Arizona State defensive tackle Will Sutton began a somewhat inauspicious press conference in a way many would have expected.
With his parents to his right and coach to his left, the player began to address the crowd, which included Arizona State employees, members of the media and Sun Devil teammates. Most people probably thought, given the season Sutton just had and the setting in which he was making this announcement, he was going to go pro.
"It's been a great season, you know, we did it 8-5, good accomplishment, bowl champions," he said. "It's been a hard decision, it's been a long decision."
Sutton was at the Carson Center in Tempe Tuesday to announce where he would be playing football next season, with the options being right where he was or somewhere in the NFL.
He paused briefly before revealing his decision.
"My decision is that I'm going to stay and play another year…" he said, with the rest of his statement being drowned out by thunderous applause.
At stake was the future of a Pac-12 Defensive Player of the Year and consensus All-American, a player whose very presence made the Sun Devils a vastly different team.
Clearly a decision to stick around for one more year was worthy cause for celebration.
Sutton finished the 2012 campaign with 13 sacks and 63 tackles -- all while missing nearly two full games -- but even with seemingly little left to prove at the collegiate level, decided to return.
"There was a lot of things, a lot of pros and cons," he said of how he weighed the decision. "It wasn't just one thing, but some of the main things is coming back and winning a championship, doing it for my teammates and getting an education, my degree."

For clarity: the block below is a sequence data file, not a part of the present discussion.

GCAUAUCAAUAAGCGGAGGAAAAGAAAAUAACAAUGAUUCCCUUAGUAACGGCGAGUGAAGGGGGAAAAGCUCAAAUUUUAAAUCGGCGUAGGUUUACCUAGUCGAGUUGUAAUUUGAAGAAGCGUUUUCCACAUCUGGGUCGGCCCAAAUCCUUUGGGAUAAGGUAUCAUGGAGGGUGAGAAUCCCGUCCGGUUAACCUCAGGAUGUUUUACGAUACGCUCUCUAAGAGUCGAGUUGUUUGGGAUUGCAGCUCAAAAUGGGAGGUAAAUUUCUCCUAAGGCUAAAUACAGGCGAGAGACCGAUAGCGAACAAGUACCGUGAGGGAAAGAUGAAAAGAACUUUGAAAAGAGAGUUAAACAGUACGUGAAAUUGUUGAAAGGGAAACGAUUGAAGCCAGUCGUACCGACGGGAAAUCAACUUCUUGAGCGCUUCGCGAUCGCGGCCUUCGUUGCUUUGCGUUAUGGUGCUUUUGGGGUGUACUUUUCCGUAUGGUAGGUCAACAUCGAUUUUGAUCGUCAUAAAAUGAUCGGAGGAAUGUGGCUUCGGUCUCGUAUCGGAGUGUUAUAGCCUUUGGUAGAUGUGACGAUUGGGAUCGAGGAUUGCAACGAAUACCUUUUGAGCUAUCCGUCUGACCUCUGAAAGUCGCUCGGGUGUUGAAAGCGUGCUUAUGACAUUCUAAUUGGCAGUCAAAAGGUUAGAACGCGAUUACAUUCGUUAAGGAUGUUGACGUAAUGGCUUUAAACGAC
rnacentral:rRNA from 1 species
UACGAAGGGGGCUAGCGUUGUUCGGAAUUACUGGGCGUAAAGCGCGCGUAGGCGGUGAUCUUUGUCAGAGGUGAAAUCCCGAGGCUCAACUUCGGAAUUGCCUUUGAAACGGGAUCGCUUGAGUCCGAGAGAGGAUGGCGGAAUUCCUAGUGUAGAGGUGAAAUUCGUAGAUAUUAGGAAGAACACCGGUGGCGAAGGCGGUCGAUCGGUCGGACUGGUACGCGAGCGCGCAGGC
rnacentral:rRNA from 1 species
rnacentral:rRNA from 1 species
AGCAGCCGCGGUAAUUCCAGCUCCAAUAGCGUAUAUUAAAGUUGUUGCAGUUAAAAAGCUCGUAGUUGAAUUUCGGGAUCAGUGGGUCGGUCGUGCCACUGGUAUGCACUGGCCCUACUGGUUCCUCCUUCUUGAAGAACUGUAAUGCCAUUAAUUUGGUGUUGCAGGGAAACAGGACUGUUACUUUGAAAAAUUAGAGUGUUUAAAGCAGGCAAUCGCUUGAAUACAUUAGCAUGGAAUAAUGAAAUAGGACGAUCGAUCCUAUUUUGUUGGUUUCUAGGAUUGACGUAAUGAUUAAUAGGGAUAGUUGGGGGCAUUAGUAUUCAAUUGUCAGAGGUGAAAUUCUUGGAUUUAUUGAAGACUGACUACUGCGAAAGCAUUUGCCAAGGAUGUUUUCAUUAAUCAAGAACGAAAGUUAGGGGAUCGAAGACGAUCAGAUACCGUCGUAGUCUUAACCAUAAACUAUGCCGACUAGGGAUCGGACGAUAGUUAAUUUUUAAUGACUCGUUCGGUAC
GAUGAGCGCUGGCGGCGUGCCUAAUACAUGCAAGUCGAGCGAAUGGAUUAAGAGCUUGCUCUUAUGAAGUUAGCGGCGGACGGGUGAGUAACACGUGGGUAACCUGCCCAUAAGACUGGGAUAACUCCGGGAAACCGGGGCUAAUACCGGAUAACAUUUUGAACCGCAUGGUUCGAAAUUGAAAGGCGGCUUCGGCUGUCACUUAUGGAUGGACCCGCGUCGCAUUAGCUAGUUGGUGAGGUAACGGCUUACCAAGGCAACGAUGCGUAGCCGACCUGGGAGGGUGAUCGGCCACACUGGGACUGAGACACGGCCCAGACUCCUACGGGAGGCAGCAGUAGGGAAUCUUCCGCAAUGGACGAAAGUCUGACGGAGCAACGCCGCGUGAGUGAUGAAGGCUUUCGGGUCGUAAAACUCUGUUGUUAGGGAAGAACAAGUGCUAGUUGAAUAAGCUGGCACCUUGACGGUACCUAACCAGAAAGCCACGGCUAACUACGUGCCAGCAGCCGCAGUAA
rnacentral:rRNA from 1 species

It's a novel concept in a time where many players -- especially those of Sutton's caliber -- jump at the very first chance they get to turn professional. That often makes sense, as every player is just one play away from seeing a season -- and possibly a career -- go down the drain due to an injury.
Yet Sutton said that's not something he can worry about, and it appears the decision he made Tuesday (he said that's when he made it) is one that he's very comfortable with.
And relieved to have finally made.
"It's pretty stressful," he admitted. "Got my teammates asking me what I'm going to do. Walking down the street people are asking me what I'm going to do, twitter, everything.
"So it's finally -- it's just a lot of stress, like, gone, to get this finally over with."
From here the task at hand, as Sutton said, is trying to win football games. The Sun Devils had a good season in 2012, but Sutton is returning with eyes on an even bigger year. As scary as that is to anyone on ASU's upcoming schedule, that's music to head coach Todd Graham's ears.
Graham, who said he only wanted what was best for Sutton, admitted to having some bias going into this decision. But, he said, the player's choice says a lot about who he is.
"He's the best defensive lineman I've ever coached, one of the best defensive players that I've ever coached," he said. "I think it just speaks volumes about his commitment to our team."
Graham said he believes Sutton "can get a whole bunch better", which if so will lead to Sutton's draft stock rising even higher. While a dominant college player as a junior, he was still projected to be a second or third round selection.
That was not on the player's mind, at least not Tuesday. When asked what was next for him, Sutton responded "I've got class at six o'clock," though he said he couldn't remember which one.
That's OK, as it's understandable if the 21-year-old has so much on his mind that he can't remember which class he's got next.
Because come next season, he'll be ready to take the Pac-12 to school once again.